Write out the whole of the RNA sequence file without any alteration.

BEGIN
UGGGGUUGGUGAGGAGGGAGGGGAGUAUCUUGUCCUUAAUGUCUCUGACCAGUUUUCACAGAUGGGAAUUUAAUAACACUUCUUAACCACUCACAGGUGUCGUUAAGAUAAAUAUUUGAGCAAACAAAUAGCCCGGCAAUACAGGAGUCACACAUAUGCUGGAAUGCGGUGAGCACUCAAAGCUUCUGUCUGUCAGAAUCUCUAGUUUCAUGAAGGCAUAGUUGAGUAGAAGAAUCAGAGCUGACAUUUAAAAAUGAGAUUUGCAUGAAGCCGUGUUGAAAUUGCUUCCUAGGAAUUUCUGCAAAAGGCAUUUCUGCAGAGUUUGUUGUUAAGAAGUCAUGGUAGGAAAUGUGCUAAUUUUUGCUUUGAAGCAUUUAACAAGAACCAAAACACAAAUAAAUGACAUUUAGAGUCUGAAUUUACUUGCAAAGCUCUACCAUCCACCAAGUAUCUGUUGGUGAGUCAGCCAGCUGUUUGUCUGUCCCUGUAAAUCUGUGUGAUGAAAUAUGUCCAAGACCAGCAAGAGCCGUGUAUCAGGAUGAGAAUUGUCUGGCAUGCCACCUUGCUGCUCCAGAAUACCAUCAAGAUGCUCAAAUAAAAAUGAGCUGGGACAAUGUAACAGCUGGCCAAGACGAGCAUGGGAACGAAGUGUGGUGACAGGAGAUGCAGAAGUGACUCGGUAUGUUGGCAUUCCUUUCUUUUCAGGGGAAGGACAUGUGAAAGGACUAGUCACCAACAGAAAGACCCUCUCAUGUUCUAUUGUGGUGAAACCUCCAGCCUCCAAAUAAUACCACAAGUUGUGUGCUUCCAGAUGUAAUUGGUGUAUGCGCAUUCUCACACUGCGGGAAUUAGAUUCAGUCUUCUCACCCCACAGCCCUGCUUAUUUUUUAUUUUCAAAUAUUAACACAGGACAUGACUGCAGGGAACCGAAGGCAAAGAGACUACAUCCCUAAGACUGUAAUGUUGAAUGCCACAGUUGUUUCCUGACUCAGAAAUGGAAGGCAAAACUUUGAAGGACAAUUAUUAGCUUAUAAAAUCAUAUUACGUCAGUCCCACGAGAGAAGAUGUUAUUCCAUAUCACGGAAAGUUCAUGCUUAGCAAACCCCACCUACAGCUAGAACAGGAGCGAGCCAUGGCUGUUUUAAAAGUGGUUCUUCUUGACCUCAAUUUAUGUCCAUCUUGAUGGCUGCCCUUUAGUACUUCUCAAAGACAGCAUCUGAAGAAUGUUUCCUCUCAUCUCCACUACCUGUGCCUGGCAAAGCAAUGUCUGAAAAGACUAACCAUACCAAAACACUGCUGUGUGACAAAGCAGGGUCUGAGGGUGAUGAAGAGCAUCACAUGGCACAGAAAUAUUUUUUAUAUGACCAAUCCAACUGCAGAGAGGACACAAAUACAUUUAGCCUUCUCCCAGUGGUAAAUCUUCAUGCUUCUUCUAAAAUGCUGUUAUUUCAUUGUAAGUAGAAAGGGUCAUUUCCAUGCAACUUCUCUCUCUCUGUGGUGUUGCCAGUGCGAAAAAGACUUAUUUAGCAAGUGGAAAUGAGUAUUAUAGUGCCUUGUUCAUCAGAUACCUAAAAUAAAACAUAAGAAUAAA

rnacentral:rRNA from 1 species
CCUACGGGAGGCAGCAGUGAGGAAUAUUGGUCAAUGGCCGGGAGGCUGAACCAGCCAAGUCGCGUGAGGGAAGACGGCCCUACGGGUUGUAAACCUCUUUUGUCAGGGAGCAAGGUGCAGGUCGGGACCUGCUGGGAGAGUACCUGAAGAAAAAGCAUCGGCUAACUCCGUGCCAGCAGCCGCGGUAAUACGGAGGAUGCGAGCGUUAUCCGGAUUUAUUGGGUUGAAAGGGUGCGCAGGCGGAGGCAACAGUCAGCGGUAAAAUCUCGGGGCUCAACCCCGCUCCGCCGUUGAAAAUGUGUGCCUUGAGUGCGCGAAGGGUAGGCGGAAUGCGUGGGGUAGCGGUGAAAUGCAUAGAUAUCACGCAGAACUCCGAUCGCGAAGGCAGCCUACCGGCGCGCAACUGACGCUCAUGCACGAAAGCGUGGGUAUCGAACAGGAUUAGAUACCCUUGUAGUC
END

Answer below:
UGGGGUUGGUGAGGAGGGAGGGGAGUAUCUUGUCCUUAAUGUCUCUGACCAGUUUUCACAGAUGGGAAUUUAAUAACACUUCUUAACCACUCACAGGUGUCGUUAAGAUAAAUAUUUGAGCAAACAAAUAGCCCGGCAAUACAGGAGUCACACAUAUGCUGGAAUGCGGUGAGCACUCAAAGCUUCUGUCUGUCAGAAUCUCUAGUUUCAUGAAGGCAUAGUUGAGUAGAAGAAUCAGAGCUGACAUUUAAAAAUGAGAUUUGCAUGAAGCCGUGUUGAAAUUGCUUCCUAGGAAUUUCUGCAAAAGGCAUUUCUGCAGAGUUUGUUGUUAAGAAGUCAUGGUAGGAAAUGUGCUAAUUUUUGCUUUGAAGCAUUUAACAAGAACCAAAACACAAAUAAAUGACAUUUAGAGUCUGAAUUUACUUGCAAAGCUCUACCAUCCACCAAGUAUCUGUUGGUGAGUCAGCCAGCUGUUUGUCUGUCCCUGUAAAUCUGUGUGAUGAAAUAUGUCCAAGACCAGCAAGAGCCGUGUAUCAGGAUGAGAAUUGUCUGGCAUGCCACCUUGCUGCUCCAGAAUACCAUCAAGAUGCUCAAAUAAAAAUGAGCUGGGACAAUGUAACAGCUGGCCAAGACGAGCAUGGGAACGAAGUGUGGUGACAGGAGAUGCAGAAGUGACUCGGUAUGUUGGCAUUCCUUUCUUUUCAGGGGAAGGACAUGUGAAAGGACUAGUCACCAACAGAAAGACCCUCUCAUGUUCUAUUGUGGUGAAACCUCCAGCCUCCAAAUAAUACCACAAGUUGUGUGCUUCCAGAUGUAAUUGGUGUAUGCGCAUUCUCACACUGCGGGAAUUAGAUUCAGUCUUCUCACCCCACAGCCCUGCUUAUUUUUUAUUUUCAAAUAUUAACACAGGACAUGACUGCAGGGAACCGAAGGCAAAGAGACUACAUCCCUAAGACUGUAAUGUUGAAUGCCACAGUUGUUUCCUGACUCAGAAAUGGAAGGCAAAACUUUGAAGGACAAUUAUUAGCUUAUAAAAUCAUAUUACGUCAGUCCCACGAGAGAAGAUGUUAUUCCAUAUCACGGAAAGUUCAUGCUUAGCAAACCCCACCUACAGCUAGAACAGGAGCGAGCCAUGGCUGUUUUAAAAGUGGUUCUUCUUGACCUCAAUUUAUGUCCAUCUUGAUGGCUGCCCUUUAGUACUUCUCAAAGACAGCAUCUGAAGAAUGUUUCCUCUCAUCUCCACUACCUGUGCCUGGCAAAGCAAUGUCUGAAAAGACUAACCAUACCAAAACACUGCUGUGUGACAAAGCAGGGUCUGAGGGUGAUGAAGAGCAUCACAUGGCACAGAAAUAUUUUUUAUAUGACCAAUCCAACUGCAGAGAGGACACAAAUACAUUUAGCCUUCUCCCAGUGGUAAAUCUUCAUGCUUCUUCUAAAAUGCUGUUAUUUCAUUGUAAGUAGAAAGGGUCAUUUCCAUGCAACUUCUCUCUCUCUGUGGUGUUGCCAGUGCGAAAAAGACUUAUUUAGCAAGUGGAAAUGAGUAUUAUAGUGCCUUGUUCAUCAGAUACCUAAAAUAAAACAUAAGAAUAAA

rnacentral:rRNA from 1 species
CCUACGGGAGGCAGCAGUGAGGAAUAUUGGUCAAUGGCCGGGAGGCUGAACCAGCCAAGUCGCGUGAGGGAAGACGGCCCUACGGGUUGUAAACCUCUUUUGUCAGGGAGCAAGGUGCAGGUCGGGACCUGCUGGGAGAGUACCUGAAGAAAAAGCAUCGGCUAACUCCGUGCCAGCAGCCGCGGUAAUACGGAGGAUGCGAGCGUUAUCCGGAUUUAUUGGGUUGAAAGGGUGCGCAGGCGGAGGCAACAGUCAGCGGUAAAAUCUCGGGGCUCAACCCCGCUCCGCCGUUGAAAAUGUGUGCCUUGAGUGCGCGAAGGGUAGGCGGAAUGCGUGGGGUAGCGGUGAAAUGCAUAGAUAUCACGCAGAACUCCGAUCGCGAAGGCAGCCUACCGGCGCGCAACUGACGCUCAUGCACGAAAGCGUGGGUAUCGAACAGGAUUAGAUACCCUUGUAGUC